April 15, 2022

Reports of My Death Are Greatly Exaggerated: New Research Shows That Small Businesses Still Thrive With Brick-and-Mortar Sales

By Hitha Herzog

Mark Twain is always good for a quote, and in this case it’s apt: When it comes to “old-fashioned” brick-and-mortar retail, tales of its death have been greatly exaggerated by pundits and politicians alike. 

It’s true that the retail sector took a major hit during the past two years due to pandemic pressures and a disrupted supply chain situation, and, according to a 2020 report from Forrester Research in 2020, the sector was set to lose $2.1T. What wasn’t predicted, however, was the “balkanization” of retail, propelled by the agility of SMBs. These retail silos were broken down by the Harvard Business Review into the following segments: 

  • “Monster ecosystems” that were seemingly immune to the retail slowdown (Alibaba, Amazon, etc.)
  • “Hitchhikers” who hitch themselves to the back of other platforms
  •  “Value players” for whom reducing cost and keeping prices low are in their DNA (Aldi, Trader Joe’s, Primark, TJ Maxx, etc.)
  • “Scale fighters,” which are companies that have enough size to try to fight the ecosystems (Walmart’s battle to take market share from Amazon is a notable example of this) 
  • Regional “Gems” which are SMBs and retailers killing it in local markets

More recently, the Data Catalyst Institute (DCI) conducted a nationwide study of these regional “Gem” SMBs to better understand how these businesses leveraged multi-platform digital commerce to get messaging out about new product drops, store hours, community events and exclusive content. In their new report titled “Super Selling”, they said the average SMB seller uses five different methods of selling products to consumers. The four most popular ones include both traditional and modern sales methods. They are: “brick and mortar” physical retail stores (79% of SMBs use), wholesaling (78%), third-party online marketplaces (68%), and a seller’s owned and operated web store (68%). On average, 72% of SMB revenue nationwide is driven by these four sales methods.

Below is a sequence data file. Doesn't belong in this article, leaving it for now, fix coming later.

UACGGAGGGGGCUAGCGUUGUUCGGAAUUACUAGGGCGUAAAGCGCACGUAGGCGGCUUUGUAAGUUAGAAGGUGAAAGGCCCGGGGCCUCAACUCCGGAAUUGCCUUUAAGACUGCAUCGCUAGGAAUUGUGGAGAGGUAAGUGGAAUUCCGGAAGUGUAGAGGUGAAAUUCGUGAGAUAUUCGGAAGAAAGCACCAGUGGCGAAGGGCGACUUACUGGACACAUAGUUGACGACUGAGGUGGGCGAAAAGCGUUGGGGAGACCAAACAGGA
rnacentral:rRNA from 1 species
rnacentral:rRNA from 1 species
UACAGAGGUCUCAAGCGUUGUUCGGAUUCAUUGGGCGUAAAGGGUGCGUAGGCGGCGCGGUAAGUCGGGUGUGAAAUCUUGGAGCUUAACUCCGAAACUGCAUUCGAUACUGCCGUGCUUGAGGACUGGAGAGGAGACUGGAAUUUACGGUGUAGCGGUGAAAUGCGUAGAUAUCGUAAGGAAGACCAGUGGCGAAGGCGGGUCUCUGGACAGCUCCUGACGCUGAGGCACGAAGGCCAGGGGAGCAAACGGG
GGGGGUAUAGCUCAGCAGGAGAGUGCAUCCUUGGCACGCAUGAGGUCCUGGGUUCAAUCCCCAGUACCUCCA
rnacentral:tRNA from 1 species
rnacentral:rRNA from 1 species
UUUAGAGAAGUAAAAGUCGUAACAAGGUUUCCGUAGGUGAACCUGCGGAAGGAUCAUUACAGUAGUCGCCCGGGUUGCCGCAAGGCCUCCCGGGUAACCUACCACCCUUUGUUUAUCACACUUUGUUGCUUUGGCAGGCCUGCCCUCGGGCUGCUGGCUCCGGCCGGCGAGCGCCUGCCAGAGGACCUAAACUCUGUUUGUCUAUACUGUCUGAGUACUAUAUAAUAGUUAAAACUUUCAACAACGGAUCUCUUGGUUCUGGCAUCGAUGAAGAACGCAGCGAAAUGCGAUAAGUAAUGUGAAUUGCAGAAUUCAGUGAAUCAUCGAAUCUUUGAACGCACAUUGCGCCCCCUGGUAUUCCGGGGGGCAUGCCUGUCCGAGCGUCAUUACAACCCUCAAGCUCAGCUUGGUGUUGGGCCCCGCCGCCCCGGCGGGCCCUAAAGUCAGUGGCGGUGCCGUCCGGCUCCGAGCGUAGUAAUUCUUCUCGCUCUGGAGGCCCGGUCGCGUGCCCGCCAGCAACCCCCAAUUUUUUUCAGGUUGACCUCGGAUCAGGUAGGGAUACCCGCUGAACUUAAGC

As a side note, interestingly, Super Sellers reported that SMB sellers that use more different sales methods (e.g., brick and mortar and a web store and online marketplaces, etc.) are also far more optimistic about their small businesses’ future. They project higher revenue this year vs. last year, and are more likely to believe their industry and the U.S. economy are in good or excellent shape, too. 

Take Brooklyn retailer Annie’s Blue Ribbon General Store. At the start of the pandemic, there was cause for pause. However, founder Ann Cantrell was able to quickly pivot her business after mandated shutdowns began to lift. In an interview with me, Cantrell explained how with a new focus on marketing, hustling and holiday selling (Easter, Mother’s Day, etc.), her store saw a 70 percent increase in online sales. “People already got our newsletter, and we had the infrastructure to support online sales. Where retailers were scrambling to set themselves up, I was grateful to have everything in place,” said Cantrell. Another report from the Data Catalyst Institute, “Digitally Driven,” in fact earlier found that SMBs that were already utilizing several digital technologies prior to the pandemic were able to adapt to new conditions more quickly, and were far more successful in driving revenue and other business metrics. 

Social media was also a way SMBs relied on their digital communities to move product. New York-based skincare company Malin + Goetz saw an uptick in business from their brick-and-mortar stores, but did not initially anticipate the large growth their digital business ultimately realized. This growth, fueled by a strong community following gave company founder Matthew Malin an optimistic outlook about the state of retail. In a recent interview, he told me, “while we have seen significant growth online and from social, we have felt our customer’s pent-up energy for a personalized and more intimate experience in store. Specifically, it is the smaller retailers that can compete the most with service and the details that customers expect when shopping in store… we do not see this going away!” 

If DCI research is any indication, “Super Selling” and the strength of SMBs post pandemic is in full force. Small business is the backbone of American consumerism and will continue to push this country forward. 

Hitha Herzog is Chief Research Analyst at H Squared Doneger TOBE and a Data Catalyst Institute Retail Fellow. 

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